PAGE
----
Constructing a way forward: innovation in theory and practice for career guidance
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Edited by Hazel Reid
This occasional paper is the sixth in a series of papers published by the Centre for Career and Personal Development.
This occasional paper offers a collection of articles resulting from presentations given at a conference of the same title held at the Salomons campus in June 2007. The aim of the conference was to bring together practitioners, managers, researchers, trainers and academics in order to explore innovative thinking and practice in the field of career guidance. All the papers deal with 'innovation' in one form or another.
Tony Watts, in chapter 1, reviews the new arrangements for career education and guidance in England, in the light of recent reports and a NICEC survey. In chapter 2, Bill Law, draws out the potential for using narratives to enable people in terms of their own career management. The work points to practical steps that are suggested by narrative thinking and sets outs a particular narrative technique - called 'storyboarding'. Hazel Reid and Linden West, in chapter 3, also draw on narrative as well as auto/biographical approaches for understanding career behaviour and outline a project which is exploring the approach with a group of practitioners. In chapter 4, Jenny Bimrose, details the findings from the third year of a five year qualitative, longitudinal case study which is investigating the nature of effective guidance.
Chapter 5 outlines Barbara Bassot's recent research into the career trajectories of two women, both of whom can be said to have achieved much in relation to what society might have expected of them. In chapter 6, Alison Fielding and Jane Westergaard discuss the practice of supervision and mentoring for practitioner well being. In chapter 7, Anthony Barnes and Anne Chant discuss the place of guidance within the extended schools agenda and finally in chapter 8, Lucy Marris outlines how Labour Market Information has been brought 'centre stage' by recent policy in relation to career guidance provision.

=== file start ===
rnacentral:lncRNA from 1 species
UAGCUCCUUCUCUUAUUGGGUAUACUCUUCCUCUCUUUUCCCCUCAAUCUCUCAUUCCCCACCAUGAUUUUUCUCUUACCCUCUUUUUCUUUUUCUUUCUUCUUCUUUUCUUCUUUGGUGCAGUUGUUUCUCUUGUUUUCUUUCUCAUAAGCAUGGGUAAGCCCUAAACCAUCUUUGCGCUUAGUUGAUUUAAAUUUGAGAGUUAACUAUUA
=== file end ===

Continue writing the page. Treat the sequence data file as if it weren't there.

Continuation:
Change, which appears inevitable in a post-modern society, requires innovative thinking; or in the words of Albert Einstein, 'We can't solve problems by using the same kind of thinking we used when we created them'. There is plenty of innovative thinking in the paper.
Copies of this paper may be purchased for £12.00 which includes postage and packaging. Cheques should be made payable to Canterbury Christ Church University and sent to:
Occasional Papers, Centre for Career and Personal Development, David Salomons Estate, Broomhill Road, Southborough, Tunbridge Wells, Kent. TN3 0TG
Constructing a way forward